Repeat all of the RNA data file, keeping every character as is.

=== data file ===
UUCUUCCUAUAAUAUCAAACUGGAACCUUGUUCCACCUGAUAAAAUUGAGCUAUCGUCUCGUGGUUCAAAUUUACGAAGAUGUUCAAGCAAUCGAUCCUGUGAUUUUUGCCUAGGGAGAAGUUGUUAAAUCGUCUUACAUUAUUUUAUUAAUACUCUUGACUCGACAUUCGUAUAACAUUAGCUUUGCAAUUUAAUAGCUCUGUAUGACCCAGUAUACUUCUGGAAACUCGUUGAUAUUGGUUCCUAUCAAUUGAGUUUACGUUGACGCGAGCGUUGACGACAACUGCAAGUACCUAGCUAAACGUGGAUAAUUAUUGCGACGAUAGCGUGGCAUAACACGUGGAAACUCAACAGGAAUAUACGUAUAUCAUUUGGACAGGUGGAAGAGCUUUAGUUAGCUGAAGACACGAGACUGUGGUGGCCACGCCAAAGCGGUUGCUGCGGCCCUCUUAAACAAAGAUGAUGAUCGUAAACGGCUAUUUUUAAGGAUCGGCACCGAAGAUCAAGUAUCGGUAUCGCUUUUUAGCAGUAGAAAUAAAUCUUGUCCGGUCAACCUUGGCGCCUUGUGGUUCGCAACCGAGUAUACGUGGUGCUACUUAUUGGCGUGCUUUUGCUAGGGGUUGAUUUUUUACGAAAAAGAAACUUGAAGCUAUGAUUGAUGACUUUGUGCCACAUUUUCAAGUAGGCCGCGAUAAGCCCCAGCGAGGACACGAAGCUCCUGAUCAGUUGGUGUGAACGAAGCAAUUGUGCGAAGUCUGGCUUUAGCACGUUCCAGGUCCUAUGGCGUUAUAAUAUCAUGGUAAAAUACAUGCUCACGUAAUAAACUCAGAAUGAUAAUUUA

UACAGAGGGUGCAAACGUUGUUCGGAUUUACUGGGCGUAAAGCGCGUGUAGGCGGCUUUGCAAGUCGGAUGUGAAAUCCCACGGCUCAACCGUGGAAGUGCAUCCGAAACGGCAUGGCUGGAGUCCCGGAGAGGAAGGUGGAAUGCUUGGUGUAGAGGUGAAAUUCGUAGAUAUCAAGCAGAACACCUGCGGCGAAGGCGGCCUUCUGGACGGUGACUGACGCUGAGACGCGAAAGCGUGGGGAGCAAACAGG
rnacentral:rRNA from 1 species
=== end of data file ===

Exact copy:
UUCUUCCUAUAAUAUCAAACUGGAACCUUGUUCCACCUGAUAAAAUUGAGCUAUCGUCUCGUGGUUCAAAUUUACGAAGAUGUUCAAGCAAUCGAUCCUGUGAUUUUUGCCUAGGGAGAAGUUGUUAAAUCGUCUUACAUUAUUUUAUUAAUACUCUUGACUCGACAUUCGUAUAACAUUAGCUUUGCAAUUUAAUAGCUCUGUAUGACCCAGUAUACUUCUGGAAACUCGUUGAUAUUGGUUCCUAUCAAUUGAGUUUACGUUGACGCGAGCGUUGACGACAACUGCAAGUACCUAGCUAAACGUGGAUAAUUAUUGCGACGAUAGCGUGGCAUAACACGUGGAAACUCAACAGGAAUAUACGUAUAUCAUUUGGACAGGUGGAAGAGCUUUAGUUAGCUGAAGACACGAGACUGUGGUGGCCACGCCAAAGCGGUUGCUGCGGCCCUCUUAAACAAAGAUGAUGAUCGUAAACGGCUAUUUUUAAGGAUCGGCACCGAAGAUCAAGUAUCGGUAUCGCUUUUUAGCAGUAGAAAUAAAUCUUGUCCGGUCAACCUUGGCGCCUUGUGGUUCGCAACCGAGUAUACGUGGUGCUACUUAUUGGCGUGCUUUUGCUAGGGGUUGAUUUUUUACGAAAAAGAAACUUGAAGCUAUGAUUGAUGACUUUGUGCCACAUUUUCAAGUAGGCCGCGAUAAGCCCCAGCGAGGACACGAAGCUCCUGAUCAGUUGGUGUGAACGAAGCAAUUGUGCGAAGUCUGGCUUUAGCACGUUCCAGGUCCUAUGGCGUUAUAAUAUCAUGGUAAAAUACAUGCUCACGUAAUAAACUCAGAAUGAUAAUUUA

UACAGAGGGUGCAAACGUUGUUCGGAUUUACUGGGCGUAAAGCGCGUGUAGGCGGCUUUGCAAGUCGGAUGUGAAAUCCCACGGCUCAACCGUGGAAGUGCAUCCGAAACGGCAUGGCUGGAGUCCCGGAGAGGAAGGUGGAAUGCUUGGUGUAGAGGUGAAAUUCGUAGAUAUCAAGCAGAACACCUGCGGCGAAGGCGGCCUUCUGGACGGUGACUGACGCUGAGACGCGAAAGCGUGGGGAGCAAACAGG
rnacentral:rRNA from 1 species